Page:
This year I retired, becoming a backyard farmer, and I had chickens on my mind. We had already sustained a beautiful garden the last few years, rain barrels were placed in the yard, learned the art of composting, and now we would buy some chickens. There was only one problem, we were city slickers, and we knew nothing about ‘birthing no chickens.’ We did the next best thing we knew to do, we began to Google…and then we would Google some more. There was more than enough information to make us feel comfortable in buying our first chickens.
We decided on some Austrolorps. We read that they were gentle, social birds, and good layers. They are black and very beautiful chickens. My friend raised brown chickens and told us how gentle and sweet they were. We decided I would buy the three black ones and wait for my friend to hatch us three brown ones.
Building the Brooder
My husband is rather a good handyman and he made our brooder. This would be the chick’s home for at least 12 weeks. The brooder was made of plywood with a wire top, which could be opened and closed. It sat on legs like a table. For those of you who do not know what a brooder is, it is a home for the babies until they get some feathers and are able to live in the coop. We enjoyed watching them grow and before we knew it, they were flying to the top of the brooder. We lined it with newspaper and then laid wood shavings at the bottom, cleaning it at least once a week. We bought a small chicken feeder for water and food. We read that it was not wise to put a water bowl in the brooder as a small chick could fall into the water and drown. We placed a light at the top of the brooder that kept the temperature about 90 degrees. Each week we raised the light a little higher until it was a nice cozy 80 degrees. We used a red light. We also made a small roosting bar. At first, we had to pick them up and place them on the bar. It was rather comical to see them try to balance. Before long, they were hopping up and down like pros.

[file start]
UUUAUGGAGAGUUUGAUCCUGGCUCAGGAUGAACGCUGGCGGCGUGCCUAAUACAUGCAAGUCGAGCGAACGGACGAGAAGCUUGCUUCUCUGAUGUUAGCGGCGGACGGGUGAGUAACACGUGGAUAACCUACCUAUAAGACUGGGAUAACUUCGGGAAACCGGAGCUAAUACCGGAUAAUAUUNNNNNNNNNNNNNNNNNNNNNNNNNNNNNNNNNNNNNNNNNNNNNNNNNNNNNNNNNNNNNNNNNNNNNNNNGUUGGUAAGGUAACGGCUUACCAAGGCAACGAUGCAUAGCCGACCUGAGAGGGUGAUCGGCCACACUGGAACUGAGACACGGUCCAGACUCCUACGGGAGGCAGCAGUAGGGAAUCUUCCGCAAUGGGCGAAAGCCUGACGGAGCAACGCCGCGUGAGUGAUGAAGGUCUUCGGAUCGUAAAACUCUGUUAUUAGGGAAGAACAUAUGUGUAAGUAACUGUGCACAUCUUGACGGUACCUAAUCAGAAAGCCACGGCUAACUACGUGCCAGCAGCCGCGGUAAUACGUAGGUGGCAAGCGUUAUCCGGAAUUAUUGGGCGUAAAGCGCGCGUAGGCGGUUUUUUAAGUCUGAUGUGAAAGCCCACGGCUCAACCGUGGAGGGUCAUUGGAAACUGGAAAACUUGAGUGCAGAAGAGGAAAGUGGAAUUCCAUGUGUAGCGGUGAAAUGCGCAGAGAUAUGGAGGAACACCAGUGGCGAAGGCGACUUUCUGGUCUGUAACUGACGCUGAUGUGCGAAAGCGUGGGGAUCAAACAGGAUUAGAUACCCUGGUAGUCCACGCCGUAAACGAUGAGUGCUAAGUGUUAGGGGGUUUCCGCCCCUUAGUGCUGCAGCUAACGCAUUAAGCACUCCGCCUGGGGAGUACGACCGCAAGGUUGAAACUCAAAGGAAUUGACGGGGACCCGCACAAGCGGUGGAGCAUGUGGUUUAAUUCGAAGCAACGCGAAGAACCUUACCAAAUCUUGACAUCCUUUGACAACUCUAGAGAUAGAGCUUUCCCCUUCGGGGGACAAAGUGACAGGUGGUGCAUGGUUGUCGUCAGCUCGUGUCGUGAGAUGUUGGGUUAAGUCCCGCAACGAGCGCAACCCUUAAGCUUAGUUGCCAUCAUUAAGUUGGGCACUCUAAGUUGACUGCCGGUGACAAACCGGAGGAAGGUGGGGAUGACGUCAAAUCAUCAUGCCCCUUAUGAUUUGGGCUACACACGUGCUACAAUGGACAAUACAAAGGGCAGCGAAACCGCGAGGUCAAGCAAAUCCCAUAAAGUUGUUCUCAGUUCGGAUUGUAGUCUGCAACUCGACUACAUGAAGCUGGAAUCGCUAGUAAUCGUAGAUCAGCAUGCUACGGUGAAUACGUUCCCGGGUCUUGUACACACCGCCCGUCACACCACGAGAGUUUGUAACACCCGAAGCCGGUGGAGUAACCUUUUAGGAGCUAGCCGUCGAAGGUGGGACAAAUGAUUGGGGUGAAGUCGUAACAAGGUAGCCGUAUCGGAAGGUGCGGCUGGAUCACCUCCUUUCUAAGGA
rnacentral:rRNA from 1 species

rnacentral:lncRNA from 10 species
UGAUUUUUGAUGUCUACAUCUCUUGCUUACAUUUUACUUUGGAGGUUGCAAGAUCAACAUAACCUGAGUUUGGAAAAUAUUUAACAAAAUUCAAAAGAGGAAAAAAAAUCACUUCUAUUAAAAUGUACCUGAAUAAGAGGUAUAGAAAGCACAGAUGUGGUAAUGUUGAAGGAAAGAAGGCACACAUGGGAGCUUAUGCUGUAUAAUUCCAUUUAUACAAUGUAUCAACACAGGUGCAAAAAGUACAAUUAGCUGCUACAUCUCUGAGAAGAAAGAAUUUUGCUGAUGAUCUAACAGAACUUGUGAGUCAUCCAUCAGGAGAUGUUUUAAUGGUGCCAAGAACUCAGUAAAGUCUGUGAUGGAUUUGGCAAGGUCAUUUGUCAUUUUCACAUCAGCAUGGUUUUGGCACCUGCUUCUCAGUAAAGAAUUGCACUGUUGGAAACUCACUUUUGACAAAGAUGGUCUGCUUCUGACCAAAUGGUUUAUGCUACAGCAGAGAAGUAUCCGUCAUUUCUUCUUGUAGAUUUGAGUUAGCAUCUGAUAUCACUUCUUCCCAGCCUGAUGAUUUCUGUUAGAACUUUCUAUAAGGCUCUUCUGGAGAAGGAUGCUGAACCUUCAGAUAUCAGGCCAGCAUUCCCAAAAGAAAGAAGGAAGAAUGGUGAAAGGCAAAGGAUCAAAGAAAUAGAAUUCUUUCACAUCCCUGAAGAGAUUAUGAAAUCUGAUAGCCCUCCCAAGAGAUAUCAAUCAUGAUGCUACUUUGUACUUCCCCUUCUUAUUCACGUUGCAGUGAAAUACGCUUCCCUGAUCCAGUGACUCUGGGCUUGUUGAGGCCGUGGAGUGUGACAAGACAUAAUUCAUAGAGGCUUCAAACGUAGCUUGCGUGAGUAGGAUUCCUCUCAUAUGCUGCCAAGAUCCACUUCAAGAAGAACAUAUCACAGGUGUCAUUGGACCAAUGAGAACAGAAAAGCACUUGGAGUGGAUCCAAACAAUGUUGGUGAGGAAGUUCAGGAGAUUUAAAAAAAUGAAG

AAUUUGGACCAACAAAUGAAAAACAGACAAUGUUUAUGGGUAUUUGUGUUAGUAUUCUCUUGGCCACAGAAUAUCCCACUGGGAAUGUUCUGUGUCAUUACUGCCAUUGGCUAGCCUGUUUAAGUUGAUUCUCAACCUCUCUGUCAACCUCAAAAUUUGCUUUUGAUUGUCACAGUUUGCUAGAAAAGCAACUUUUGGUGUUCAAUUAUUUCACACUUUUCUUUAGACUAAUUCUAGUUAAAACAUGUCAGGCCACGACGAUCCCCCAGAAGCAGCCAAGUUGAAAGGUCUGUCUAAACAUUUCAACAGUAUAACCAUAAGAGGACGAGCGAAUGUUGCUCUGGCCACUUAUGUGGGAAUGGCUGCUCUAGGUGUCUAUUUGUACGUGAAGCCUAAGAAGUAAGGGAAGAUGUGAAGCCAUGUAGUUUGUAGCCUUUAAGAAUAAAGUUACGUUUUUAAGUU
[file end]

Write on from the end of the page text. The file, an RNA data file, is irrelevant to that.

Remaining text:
We had bought the three black chicks and were waiting on three more chicks to be hatched so there were about two or three weeks difference in age. We attempted at putting them together but the black ones were already pecking at the new ones, which is natural. We ended up putting a piece of wood to separate them so they could get used to each other’s noises. Soon we lifted the wood panel and they appeared to get along fine. The older black ones hung out together and the new brown ones stuck together. To this day, they still run in their original groups, roosting in their groups as well.
Pet and Chickens
We have a Beagle mixed dog: we were concerned if the chickens would be able to co-exist with Chrissy. We took our time introducing them. Believe me; she wanted to take a bite the first few times. We held the babies in our hands and let her sniff them. The first time she attempted to bite one, we tapped her nose. This may not deter another dog but it did her. The brooder sat in our dining area, so she heard them all the time, which almost drove her crazy. We then put the chicks under a basket in the back yard, stepped back and let Chrissy sniff around them outside. Lastly, we let the chicks run when they got older, with Chrissy on a leash. Finally, she got the message that she was not to eat the chickens. It was touch and go for a while, holding our breath that the training we gave her would stick, and it did. She now goes after Cheerio’s and hangs out the chickens. Just yesterday, she brought us an egg she had found out in the yard. I think Chrissy is our rooster.